Larch, a cone-bearing tree that grows in cool regions throughout the Northern Hemisphere. Unlike most other cone-bearing trees, larches shed their leaves in the autumn. The needlelike leaves grow in clusters from small spurs on the branches. The small cones are borne upright.

The American larch (also called tamarack, hackmatack, and eastern larch) ranges from Hudson Bay and Alaska to the northeastern United States. It is usually found in swampy areas, but sometimes grows in dry soils. It commonly reaches a height of about 60 feet (18 m). The leaves are about 1 inch (2.5 cm) long; the cones, one-half to three-fourths of an inch (1.3 to 2 cm) long. The western larch occurs chiefly on the eastern slopes of the Cascades. It reaches 150 feet (46 m) and bears needles 1 inch (2.5 cm) long and cones about 1 ½ inches (4 cm) long.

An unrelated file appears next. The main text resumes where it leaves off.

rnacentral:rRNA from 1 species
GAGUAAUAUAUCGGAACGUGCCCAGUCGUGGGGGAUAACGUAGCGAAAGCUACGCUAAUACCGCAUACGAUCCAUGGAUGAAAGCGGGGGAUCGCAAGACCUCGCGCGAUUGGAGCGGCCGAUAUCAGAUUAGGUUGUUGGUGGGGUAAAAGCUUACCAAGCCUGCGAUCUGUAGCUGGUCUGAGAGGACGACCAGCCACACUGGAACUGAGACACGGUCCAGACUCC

The European larch grows to be 70 feet (21 m) tall and bears leaves 1 inch (2.5 cm) long and cones 1 ½ inches (4 cm) long. This larch has been introduced into the United States. Its bark yields tannin, a substance used for tanning leather. The Japanese larch, introduced into the United States as a hardy ornamental, reaches 90 feet (27 m).

Larch wood, yellow to brown in color, is moderately strong. It is used for telephone poles, railway ties, shipbuilding, furniture making, and general construction.

Larches belong to the pine family, Pinaceae. The American larch is Larix laricina; western, L. occidentalis; European, L. decidua; Japanese, L. kaempferi.